Section 191(5A) of the Labour Relations Act, the LRA, makes provision for a Con-arb process, which is a speedier one-stop process which allows for combination of a conciliation and arbitration in one process, to be held immediately after each other, should conciliation fail, in unfair labour practices and unfair dismissal disputes involving individuals. In effect, this process will allow for conciliation and arbitration to take place as a continuous process on the same day. The process is compulsory in matters relating to-
- dismissals for any reason relating to probation;
- any unfair labour practice relating to probation;
- a dispute relating to a compliance order referred to in terms of section 69(5) of the BCEA; and
- a claim for failure to pay any amount owing referred to in terms of section 73A of the BCEA.
If no objection is received from the parties, this process may be used for other disputes (dismissals for misconduct, incapacity, where the employee resigned because the employer’s conduct made continued employment intolerable or due to less favourable terms after a s197 or s197A transfer, and for dismissals where the reason for dismissal is unknown; or an unfair labour practice other than if the unfair labour practice deals with an act or omission linked to the Protected Disclosure Act).
This process may not be used for dismissals relating to unprotected strikes. These disputes must be referred to the Labour Court if no agreement is reached to settle the dispute at conciliation.
The CCMA must give both parties at least 14 days’ notice of the con-arb hearing date together with guideline information on how to prepare for the hearing. If a party fails to appear or to be represented, the conciliation will continue on the scheduled date and a certificate of outcome will be issued and arbitration may commence immediately thereafter. In certain instances, the arbitration may be adjourned and then scheduled for a different date either in the presence of both parties at the conciliation or by the CCMA giving 21 days’ notice to both parties.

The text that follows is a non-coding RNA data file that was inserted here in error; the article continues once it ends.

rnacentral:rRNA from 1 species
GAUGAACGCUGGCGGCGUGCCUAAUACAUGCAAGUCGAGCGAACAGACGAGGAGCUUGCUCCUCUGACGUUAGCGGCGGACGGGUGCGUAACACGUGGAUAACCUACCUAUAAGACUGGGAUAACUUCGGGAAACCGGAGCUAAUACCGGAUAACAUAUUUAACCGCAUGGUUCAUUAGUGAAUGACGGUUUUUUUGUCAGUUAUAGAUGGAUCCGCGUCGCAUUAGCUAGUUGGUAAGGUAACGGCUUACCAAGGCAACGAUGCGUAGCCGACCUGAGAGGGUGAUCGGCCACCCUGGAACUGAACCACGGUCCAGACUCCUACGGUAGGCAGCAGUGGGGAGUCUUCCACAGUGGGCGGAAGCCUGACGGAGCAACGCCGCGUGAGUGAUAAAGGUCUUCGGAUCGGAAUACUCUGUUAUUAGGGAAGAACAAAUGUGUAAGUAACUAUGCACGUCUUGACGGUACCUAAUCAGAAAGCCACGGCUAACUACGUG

Objections to the con-arb process
An objection by an employer party is effected by delivering a written notice of objection to con-arb to the CCMA and the opposing party, at least seven days before the scheduled con-arb date. An employee may object by indicating such on the LRA form 7.11.
No objection is allowed for disputes relating to probation, or those relating to section 69(5) and 73A of the BCEA.
A commissioner does not have a discretion to overturn a party’s objection to a con-arb process which has been properly filed. However, should both parties agree to proceed with the arbitration after conciliation, after there was an objection filed, a commissioner may consider that request and proceed with the arbitration if it is practical to do so.
The effect of an objection is that it cancels the arbitration process commencing immediately after the conciliation. Should the dispute not be resolved by conciliation, the applicant party will be required to apply for arbitration if they still want to pursue that dispute. An application for arbitration is not required if the matter was scheduled for con-arb, but the arbitration part was adjourned by the commissioner